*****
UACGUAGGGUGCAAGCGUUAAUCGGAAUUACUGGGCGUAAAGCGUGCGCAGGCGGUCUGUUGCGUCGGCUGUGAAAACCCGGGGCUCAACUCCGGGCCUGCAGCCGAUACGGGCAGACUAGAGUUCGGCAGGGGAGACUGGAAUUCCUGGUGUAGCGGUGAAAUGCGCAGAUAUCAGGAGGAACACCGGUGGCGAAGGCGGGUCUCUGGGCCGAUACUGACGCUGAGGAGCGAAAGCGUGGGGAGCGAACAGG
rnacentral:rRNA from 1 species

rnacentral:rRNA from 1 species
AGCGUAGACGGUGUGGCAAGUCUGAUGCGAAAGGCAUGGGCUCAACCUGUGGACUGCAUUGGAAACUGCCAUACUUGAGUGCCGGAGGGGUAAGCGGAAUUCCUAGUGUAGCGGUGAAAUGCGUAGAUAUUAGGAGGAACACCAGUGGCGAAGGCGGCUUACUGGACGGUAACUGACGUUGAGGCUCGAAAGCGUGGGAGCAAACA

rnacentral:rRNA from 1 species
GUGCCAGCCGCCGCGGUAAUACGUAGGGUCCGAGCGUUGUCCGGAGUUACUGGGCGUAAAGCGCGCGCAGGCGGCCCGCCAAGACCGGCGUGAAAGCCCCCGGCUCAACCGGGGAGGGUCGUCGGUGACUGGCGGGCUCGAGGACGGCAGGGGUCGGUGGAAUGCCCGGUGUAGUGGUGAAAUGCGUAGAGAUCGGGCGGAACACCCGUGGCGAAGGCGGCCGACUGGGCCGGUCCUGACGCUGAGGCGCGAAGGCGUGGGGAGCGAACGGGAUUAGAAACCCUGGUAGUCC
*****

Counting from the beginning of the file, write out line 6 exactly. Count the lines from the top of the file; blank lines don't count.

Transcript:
GUGCCAGCCGCCGCGGUAAUACGUAGGGUCCGAGCGUUGUCCGGAGUUACUGGGCGUAAAGCGCGCGCAGGCGGCCCGCCAAGACCGGCGUGAAAGCCCCCGGCUCAACCGGGGAGGGUCGUCGGUGACUGGCGGGCUCGAGGACGGCAGGGGUCGGUGGAAUGCCCGGUGUAGUGGUGAAAUGCGUAGAGAUCGGGCGGAACACCCGUGGCGAAGGCGGCCGACUGGGCCGGUCCUGACGCUGAGGCGCGAAGGCGUGGGGAGCGAACGGGAUUAGAAACCCUGGUAGUCC